What emotions align with your nonprofit mission and brand identity?
I adore color. I’m definitely not someone who wears only black!
My personal ‘brand’ is multi-hued. You can see it at the top of my website. You can see it on my person.
What do the colors you ‘wear’ say about your brand?
I thought it would be interesting to think about how you use color in your donor communications, and happened on several great infographics, including The Psychology of Color in Design and Color Psychology and Marketing. They offer a terrific overview of the meaning of colors in the western hemisphere.
What you’ll learn is eye opening.
Color is a powerful form of nonverbal communication. There should be more to selecting color than just a whim.
Color influences behavior. Color evokes emotions. Have you ever seen a movie with and without the underlying musical score?
Like music, color can make a huge difference in how your message is perceived.
- Color can make folks feel relaxed, productive, peaceful, creative and even angry.
- Color can alert folks to an emergency situation or to a successful, growing organization.
- Color can make folks feel generous and open or stingy and closed.
What do you want folks to think/feel/do when they encounter your (1) website; (2) annual report; (3) appeal letter; (4) email; (5) event invitation and décor, and/or (5) blog?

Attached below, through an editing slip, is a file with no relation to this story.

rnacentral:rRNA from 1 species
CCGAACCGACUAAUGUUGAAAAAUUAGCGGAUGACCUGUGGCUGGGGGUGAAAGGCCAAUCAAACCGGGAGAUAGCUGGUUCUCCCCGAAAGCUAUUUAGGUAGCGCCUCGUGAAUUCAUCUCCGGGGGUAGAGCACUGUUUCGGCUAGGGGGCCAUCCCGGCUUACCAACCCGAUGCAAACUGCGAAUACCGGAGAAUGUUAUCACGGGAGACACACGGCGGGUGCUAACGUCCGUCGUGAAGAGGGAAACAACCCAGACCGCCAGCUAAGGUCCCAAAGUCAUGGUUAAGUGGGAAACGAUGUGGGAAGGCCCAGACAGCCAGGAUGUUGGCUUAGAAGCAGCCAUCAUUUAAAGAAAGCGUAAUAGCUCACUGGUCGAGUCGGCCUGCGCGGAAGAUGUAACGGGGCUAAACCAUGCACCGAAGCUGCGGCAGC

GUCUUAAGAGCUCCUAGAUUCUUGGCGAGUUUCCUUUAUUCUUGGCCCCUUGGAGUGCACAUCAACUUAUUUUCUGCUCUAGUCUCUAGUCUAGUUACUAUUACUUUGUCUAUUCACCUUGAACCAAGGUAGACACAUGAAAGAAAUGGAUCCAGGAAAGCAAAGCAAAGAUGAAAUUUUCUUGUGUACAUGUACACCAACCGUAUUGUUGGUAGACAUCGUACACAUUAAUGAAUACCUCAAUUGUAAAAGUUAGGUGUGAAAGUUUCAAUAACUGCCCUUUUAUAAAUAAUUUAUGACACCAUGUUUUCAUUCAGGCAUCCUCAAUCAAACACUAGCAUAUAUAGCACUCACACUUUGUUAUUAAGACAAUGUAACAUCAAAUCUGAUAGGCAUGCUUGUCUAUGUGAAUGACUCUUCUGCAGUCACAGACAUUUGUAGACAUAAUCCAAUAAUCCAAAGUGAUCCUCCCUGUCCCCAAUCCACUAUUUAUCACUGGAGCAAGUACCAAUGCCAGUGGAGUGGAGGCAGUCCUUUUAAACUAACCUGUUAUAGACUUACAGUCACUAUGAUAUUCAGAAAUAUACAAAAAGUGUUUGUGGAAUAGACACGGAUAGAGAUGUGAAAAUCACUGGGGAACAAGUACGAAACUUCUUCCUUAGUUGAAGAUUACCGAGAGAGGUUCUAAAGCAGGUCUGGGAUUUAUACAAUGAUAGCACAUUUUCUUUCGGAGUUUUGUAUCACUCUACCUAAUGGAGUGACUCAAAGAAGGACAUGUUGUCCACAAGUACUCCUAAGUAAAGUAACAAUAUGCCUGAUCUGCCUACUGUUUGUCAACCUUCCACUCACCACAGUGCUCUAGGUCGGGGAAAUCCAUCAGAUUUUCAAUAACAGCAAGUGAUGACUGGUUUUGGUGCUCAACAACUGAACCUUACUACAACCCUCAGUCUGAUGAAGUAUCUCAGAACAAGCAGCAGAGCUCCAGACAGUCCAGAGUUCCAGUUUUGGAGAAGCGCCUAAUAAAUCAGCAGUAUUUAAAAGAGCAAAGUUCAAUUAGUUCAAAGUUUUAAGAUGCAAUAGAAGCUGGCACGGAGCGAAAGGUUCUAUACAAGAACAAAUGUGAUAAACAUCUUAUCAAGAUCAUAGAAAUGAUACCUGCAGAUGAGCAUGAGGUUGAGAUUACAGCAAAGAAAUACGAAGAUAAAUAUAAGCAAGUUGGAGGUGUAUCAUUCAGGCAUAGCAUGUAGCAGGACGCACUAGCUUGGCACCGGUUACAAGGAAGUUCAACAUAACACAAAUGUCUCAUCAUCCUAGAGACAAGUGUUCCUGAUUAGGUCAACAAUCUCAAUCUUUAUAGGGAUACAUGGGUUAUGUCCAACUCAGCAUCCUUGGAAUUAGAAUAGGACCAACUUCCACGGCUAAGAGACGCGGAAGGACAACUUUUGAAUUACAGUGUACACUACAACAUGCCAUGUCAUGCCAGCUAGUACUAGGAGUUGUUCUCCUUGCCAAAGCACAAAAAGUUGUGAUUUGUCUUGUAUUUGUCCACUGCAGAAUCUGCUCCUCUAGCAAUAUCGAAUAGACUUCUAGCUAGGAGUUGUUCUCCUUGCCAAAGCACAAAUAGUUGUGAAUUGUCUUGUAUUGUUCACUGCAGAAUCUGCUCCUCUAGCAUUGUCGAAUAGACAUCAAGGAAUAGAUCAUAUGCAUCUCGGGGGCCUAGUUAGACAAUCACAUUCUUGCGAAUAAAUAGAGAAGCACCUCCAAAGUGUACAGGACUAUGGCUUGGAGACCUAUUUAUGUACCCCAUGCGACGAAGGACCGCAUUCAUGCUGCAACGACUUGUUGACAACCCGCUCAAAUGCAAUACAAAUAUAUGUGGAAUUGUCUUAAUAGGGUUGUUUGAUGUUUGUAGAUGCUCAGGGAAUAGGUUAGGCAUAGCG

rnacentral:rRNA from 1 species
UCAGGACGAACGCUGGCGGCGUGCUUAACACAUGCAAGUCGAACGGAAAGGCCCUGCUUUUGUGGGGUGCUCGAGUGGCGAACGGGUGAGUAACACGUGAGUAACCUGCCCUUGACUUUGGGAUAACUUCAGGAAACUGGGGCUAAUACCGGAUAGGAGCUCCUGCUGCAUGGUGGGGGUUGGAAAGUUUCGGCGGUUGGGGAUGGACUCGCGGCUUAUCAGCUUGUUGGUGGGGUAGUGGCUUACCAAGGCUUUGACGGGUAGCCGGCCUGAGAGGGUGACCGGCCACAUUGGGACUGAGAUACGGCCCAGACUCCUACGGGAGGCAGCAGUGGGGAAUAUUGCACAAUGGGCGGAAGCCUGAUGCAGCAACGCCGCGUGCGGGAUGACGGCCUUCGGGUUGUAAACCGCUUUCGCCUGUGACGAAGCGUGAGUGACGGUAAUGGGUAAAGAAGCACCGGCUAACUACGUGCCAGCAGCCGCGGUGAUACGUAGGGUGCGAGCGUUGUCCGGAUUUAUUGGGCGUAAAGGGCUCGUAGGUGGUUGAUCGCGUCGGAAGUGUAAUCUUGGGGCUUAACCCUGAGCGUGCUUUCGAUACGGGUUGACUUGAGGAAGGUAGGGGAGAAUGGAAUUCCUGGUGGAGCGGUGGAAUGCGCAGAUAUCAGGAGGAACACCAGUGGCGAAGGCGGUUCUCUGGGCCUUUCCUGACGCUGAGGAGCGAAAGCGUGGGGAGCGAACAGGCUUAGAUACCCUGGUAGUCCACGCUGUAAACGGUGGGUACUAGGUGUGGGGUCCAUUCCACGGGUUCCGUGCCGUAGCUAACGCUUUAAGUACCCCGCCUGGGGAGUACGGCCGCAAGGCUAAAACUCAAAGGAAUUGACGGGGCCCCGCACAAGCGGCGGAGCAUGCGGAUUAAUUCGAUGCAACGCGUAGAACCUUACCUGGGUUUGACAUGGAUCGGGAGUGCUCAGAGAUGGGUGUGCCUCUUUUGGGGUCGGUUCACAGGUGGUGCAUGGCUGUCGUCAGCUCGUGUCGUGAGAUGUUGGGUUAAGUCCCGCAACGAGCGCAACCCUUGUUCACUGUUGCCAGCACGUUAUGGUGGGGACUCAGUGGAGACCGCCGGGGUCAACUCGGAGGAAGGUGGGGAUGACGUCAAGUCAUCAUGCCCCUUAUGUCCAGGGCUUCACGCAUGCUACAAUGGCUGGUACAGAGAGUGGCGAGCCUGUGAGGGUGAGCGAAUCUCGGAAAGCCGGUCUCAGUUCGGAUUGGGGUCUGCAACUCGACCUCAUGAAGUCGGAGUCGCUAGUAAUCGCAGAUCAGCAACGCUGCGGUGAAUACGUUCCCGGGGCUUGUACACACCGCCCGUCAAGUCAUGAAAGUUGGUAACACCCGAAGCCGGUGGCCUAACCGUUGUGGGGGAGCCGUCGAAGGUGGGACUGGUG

It’s helpful to bear in mind what one fundraising guru has to say on the subject:
The experts who come up with brand color palettes often confuse communication with decoration. Their palettes are congruent, nice, and usually in step with the latest color fads from the fashion and design industries. Pleasing to look at.
But often bad for fundraising.
— Jeff Brooks, Future Fundraising Now
Let’s start with a few simple ideas about color.
How you use colors together also has emotional impact.
What do you do when your logo colors do not reflect the key emotion of your brand?
Take a look at some of the most well-known nonprofit brands and you’ll see a lot of thought goes into their color choices.
Speaking of a splash of color, use it to call attention to important engagement opportunities.
Don’t forget to think about your target markets.
Keep in mind preferences are not universal.
Want to Be More Thoughtful about Everything?
ON COLOR: Here are some additional articles that may be of interest: The Importance of Color in Brand Strategy; The Psychology of Color in Logo Design; Branding & Color Tips for Nonprofits, How to Choose the Right Colors for Your Brand and Choosing the Right Colors for Your Nonprofit’s Brand. Even if you as the fundraiser don’t have authority in this area, this is useful information to share with executive management and marketing staff. You certainly don’t need a hard-to-notice ‘donate’ button undermining all your hard work! Plus it’s food for thought as you design your appeals and fundraising communications.
ON EVERYTHING ELSE: Grab the 7 Clairification Keys to Unlock Your Nonprofit’s Fundraising Potential. How much time do you spend right now being genuinely thoughtful about your goals and objectives? This guide has tips, tools, templates, exercises, worksheets and checklists to get you to the next level. You can’t go wrong, as I offer a 30-day, 100% refund if you’re not happy.
Have a colorful day!